Archive for the 'Open Source' Category

Don’t Hurt The Web

Wednesday, April 4th, 2007

I found this on the site and thought I’d share it with my readers. Click the image for the various wallpaper sizes.


From the site:

First designed at the 2006 Firefox Developer’s Summit by Sean Martell based on an idea from Chris Beard, this graphic became a smash hit at the SWSW conference in 2007. Now available as a desktop wallpaper in a variety of sizes.


OpenOffice .odt Opened Up – Part 3a: Styles/font-face-decls

Wednesday, April 4th, 2007


In my last article, OpenOffice .odt Opened Up – Part 2: Meta and Settings, I discussed two of the four top level subdocument elements, office:document-meta and office:document-settings. In this article, I will be taking a closer look at the office:document-styles element, in particular the office:font-face-decls sub-element. As before, my test cases where produced with the following software:

  • SuSE Linux 10.1
  • OpenOffice
  • zip 2.31 (March 8th 2005)

The Relax-NG schema language is used to define elements of the specification. The original source document can be downloaded here oo_part1.odt, and in particular the subdocument under observation can be downloaded here styles.xml.

The office:document-styles element

The office:document-styles root element contains all font face declarations, named styles, automatic styles and master styles need for the document.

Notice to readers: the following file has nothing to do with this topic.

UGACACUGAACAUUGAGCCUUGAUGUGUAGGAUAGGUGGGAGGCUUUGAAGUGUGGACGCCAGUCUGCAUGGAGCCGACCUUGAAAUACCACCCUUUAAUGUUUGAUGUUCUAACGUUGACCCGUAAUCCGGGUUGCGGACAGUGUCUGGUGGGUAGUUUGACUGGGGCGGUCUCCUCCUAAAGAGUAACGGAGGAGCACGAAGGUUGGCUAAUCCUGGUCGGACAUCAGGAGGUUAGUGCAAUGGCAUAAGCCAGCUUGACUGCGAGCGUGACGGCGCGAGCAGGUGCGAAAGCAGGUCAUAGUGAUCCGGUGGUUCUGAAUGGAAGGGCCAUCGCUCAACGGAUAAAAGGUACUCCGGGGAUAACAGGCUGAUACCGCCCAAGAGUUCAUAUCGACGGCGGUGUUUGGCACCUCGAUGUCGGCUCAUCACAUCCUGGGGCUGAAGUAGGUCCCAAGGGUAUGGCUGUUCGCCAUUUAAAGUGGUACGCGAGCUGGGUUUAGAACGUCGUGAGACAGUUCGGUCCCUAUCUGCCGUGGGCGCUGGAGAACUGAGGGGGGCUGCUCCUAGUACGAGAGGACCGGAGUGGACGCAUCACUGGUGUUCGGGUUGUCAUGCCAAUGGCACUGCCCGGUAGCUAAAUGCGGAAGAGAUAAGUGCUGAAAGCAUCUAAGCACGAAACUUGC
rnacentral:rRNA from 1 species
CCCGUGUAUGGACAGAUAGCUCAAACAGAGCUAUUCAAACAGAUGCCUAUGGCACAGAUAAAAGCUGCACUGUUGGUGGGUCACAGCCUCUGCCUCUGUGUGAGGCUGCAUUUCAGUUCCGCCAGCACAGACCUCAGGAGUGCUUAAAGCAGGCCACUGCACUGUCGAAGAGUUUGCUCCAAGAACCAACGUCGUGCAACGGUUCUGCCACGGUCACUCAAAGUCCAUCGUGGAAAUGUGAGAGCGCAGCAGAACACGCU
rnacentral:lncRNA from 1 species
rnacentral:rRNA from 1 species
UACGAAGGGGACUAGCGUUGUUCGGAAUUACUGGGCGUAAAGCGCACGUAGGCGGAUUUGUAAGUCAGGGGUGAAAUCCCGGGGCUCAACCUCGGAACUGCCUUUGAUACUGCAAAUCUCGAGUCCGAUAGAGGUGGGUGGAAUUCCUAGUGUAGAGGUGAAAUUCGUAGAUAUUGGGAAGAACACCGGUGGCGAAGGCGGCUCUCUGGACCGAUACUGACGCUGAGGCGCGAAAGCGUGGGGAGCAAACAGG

office:document-styles schema

<define name="office-document-styles">
  <element name="office:document-styles">
    <ref name="office-document-common-attrs" />
    <ref name="office-font-face-decls" />
    <ref name="office-styles" />
    <ref name="office-automatic-styles" />
    <ref name="office-master-styles" />

Next let us explore the office:font-face-decls sub-element.

The office:font-face-decls element

This element is actually duplicated in the top-level office:document-content element. A few simple test indicate that, if differences exist in the two sub-elements, complete element omissions in one are populated by the other, and where two elements differ in content the definition in office:document-styles takes precedence, though this behavior is not defined explicately in the specification.

The office:font-face-decls element consist of style:font-face elements. If you remember, we generated our test document by selecting text from a pdf and pasting that text into an .odt. This generated such style:font-face elements as follows:

<style:font-face style:name="EIDQUI+CMSLTT10"

<style:font-face style:name="FFWLFJ+CMR10"

<style:font-face style:name="GRVNVC+CMTT9"

<style:font-face style:name="HJCZVV+CMTT8"

<style:font-face style:name="Lucidasans1"

With the exception of the last element, this looks pretty ugly. The following is a sample of style:font-face elements taken from a newly created document.

<style:font-face style:name="HG Mincho Light J"
                 svg:font-family="’HG Mincho Light J’"

<style:font-face style:name="Lucidasans"

<style:font-face style:name="Thorndale AMT"